If you’re looking to save some money it’s a good idea to make a detailed budget that lets you see where your cash is currently being spent, and offers an overall view of your finances.
You’ll need to collect together your income and expenditure details, including annual costs such as insurance, car expenses, birthdays and holidays. If you find that you’re spending more than you earn, at least you’ll be able to take action to remedy the situation.
So what areas might you target to save money? Your biggest expenditure is a good place to start.
If you want to be able to budget better over the long-term, you may want to consider switching your mortgage to a fixed rate if it’s not already – even small interest rate increases can have a noticeable effect on your financial situation.
By changing to a fixed rate mortgage – of between two and five years, for example – you’ll have greater peace of mind, and be able to budget with more confidence each month.
Energy costs have soared in recent years, and it’s always worthwhile checking that you’re on the best tariff with your current supplier. If not, it’s easy to switch to a lower tariff with a new provider.
The switching process can be completed online, and the supplier you’re moving to should deal with most of the formalities. If you don’t want to switch, however, and you’re on a variable rate, consider whether a fixed tariff would be a better option.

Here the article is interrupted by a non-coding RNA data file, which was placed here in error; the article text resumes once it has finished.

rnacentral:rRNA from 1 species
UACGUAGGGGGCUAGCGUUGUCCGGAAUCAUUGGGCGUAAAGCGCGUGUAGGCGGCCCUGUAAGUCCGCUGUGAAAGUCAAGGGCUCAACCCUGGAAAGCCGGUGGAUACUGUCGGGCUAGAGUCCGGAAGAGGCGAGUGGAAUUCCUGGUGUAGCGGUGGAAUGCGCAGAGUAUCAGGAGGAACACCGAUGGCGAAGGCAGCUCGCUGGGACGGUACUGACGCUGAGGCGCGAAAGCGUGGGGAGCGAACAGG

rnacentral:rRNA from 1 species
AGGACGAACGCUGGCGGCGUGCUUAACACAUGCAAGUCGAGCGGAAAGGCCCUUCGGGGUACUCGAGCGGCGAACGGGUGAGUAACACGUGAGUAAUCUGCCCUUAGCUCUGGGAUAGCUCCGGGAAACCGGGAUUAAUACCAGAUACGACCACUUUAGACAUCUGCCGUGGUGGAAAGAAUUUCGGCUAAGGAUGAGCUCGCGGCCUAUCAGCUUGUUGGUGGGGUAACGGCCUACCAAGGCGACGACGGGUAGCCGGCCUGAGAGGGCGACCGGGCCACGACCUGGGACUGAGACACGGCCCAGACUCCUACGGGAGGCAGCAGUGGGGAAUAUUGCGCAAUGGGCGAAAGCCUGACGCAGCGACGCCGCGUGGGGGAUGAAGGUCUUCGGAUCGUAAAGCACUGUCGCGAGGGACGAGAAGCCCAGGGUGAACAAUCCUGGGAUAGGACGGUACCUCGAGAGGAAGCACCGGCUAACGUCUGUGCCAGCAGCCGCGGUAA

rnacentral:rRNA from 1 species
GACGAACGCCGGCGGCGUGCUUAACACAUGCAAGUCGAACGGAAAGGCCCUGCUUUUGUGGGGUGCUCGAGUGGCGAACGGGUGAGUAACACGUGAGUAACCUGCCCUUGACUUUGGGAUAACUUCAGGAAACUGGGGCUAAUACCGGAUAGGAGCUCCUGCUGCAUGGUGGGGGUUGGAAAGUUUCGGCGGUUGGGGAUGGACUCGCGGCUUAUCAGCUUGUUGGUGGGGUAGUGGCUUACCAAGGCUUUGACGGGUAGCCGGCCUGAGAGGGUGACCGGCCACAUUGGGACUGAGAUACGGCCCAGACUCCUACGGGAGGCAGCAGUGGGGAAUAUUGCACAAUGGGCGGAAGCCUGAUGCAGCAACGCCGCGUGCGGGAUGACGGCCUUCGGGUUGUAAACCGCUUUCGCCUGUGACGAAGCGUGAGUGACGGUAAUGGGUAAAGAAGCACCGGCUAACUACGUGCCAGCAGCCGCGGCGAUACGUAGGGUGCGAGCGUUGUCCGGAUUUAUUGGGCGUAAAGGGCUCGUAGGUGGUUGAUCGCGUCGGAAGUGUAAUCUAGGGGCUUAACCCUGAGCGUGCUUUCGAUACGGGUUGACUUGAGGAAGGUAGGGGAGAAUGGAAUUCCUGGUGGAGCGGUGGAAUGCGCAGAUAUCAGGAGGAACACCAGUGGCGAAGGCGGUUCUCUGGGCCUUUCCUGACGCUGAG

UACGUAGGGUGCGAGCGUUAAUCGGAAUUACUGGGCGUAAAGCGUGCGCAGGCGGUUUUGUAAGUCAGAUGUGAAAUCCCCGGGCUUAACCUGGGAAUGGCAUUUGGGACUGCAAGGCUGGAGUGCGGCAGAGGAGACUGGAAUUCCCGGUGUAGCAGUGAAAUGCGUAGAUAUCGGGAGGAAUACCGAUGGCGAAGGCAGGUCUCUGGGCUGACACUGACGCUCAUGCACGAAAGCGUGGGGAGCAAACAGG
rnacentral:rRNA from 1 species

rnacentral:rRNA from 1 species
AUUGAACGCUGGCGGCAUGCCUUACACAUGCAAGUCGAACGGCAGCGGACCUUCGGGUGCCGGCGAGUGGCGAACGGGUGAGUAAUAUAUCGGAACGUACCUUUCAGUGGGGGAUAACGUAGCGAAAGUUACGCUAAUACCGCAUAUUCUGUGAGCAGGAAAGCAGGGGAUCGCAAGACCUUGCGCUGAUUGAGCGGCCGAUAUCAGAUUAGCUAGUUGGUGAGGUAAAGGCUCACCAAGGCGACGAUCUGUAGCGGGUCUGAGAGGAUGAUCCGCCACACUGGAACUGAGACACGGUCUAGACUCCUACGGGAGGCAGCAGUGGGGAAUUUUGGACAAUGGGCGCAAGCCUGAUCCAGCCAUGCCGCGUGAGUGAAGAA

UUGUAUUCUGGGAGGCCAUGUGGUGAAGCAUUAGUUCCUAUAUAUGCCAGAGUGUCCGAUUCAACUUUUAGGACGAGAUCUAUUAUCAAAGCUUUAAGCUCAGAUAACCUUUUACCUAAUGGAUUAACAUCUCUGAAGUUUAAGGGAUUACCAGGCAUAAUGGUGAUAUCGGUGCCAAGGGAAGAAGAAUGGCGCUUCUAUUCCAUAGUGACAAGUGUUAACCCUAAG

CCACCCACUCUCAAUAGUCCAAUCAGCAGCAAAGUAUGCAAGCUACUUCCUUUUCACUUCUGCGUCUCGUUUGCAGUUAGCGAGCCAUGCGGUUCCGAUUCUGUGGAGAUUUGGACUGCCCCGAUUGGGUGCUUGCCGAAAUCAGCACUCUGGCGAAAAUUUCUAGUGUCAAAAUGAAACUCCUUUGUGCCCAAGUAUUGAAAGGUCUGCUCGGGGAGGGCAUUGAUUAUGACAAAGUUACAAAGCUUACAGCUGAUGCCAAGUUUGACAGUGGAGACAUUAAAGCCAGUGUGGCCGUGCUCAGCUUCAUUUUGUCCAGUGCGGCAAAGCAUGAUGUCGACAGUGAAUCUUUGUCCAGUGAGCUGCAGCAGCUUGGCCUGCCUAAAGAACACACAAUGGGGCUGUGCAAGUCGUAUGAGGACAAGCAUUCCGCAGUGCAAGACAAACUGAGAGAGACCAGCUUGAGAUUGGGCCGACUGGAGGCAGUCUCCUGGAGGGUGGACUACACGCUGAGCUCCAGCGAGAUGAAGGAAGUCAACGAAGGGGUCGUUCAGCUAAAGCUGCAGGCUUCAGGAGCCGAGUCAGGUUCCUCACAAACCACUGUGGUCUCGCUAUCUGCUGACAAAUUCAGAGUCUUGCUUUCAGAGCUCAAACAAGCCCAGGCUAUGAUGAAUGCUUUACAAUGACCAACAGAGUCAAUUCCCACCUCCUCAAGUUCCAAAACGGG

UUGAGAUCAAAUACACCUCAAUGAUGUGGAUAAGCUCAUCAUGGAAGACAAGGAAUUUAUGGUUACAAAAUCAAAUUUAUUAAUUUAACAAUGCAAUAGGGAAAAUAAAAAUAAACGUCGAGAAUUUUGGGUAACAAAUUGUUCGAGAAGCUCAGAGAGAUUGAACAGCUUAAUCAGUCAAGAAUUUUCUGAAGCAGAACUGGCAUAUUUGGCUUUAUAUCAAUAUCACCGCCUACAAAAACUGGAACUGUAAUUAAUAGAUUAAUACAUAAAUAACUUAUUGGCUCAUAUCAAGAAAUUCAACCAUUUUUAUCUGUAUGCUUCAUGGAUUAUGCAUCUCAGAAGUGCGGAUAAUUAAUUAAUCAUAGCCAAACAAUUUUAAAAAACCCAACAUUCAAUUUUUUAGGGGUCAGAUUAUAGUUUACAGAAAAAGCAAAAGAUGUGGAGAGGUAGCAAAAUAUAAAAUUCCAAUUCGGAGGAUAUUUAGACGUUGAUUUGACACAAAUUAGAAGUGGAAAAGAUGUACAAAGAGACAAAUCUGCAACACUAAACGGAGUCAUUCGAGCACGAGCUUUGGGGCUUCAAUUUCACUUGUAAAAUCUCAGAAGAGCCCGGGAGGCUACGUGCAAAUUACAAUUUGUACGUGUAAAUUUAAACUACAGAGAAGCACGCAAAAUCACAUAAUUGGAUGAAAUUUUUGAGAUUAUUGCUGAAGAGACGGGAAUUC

With so many price comparison websites available, it only takes a few minutes to shop around to find the best price for large purchases. This can be done from the comfort of your own home, and you’ll get a good idea of how much you should be paying. When you’re buying insurance, in particular, using a price comparison site is the best way to keep down costs and save some money.
By car sharing with work colleagues or friends, you can cut the costs of fuel and parking, as well as reducing wear and tear on your own vehicle. Some workplaces offer incentives, such as vouchers, to encourage employee car sharing schemes which have become increasingly popular in recent years.
We often take out subscriptions and buy memberships that we don’t use, so check your bank statements for any direct debits or standing order payments for gym memberships, for example, or subscriptions for magazines that you don’t need any more.
For more ideas on how to save money each month, whether it’s to help you pay down debt or save for the future, call Scotland Debt Solutions. Our expert team specialises in helping Scottish residents to take control of their finances and deal with debt. We offer free consultations, and operate from five offices around Scotland.
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Sequestration typically lasts for a period of 12 months, although if you’re also paying a Debtor Contribution Order (DCO), repayments can continue for a further three years after discharge.
Our Scottish based team can help advise you on your debt problems.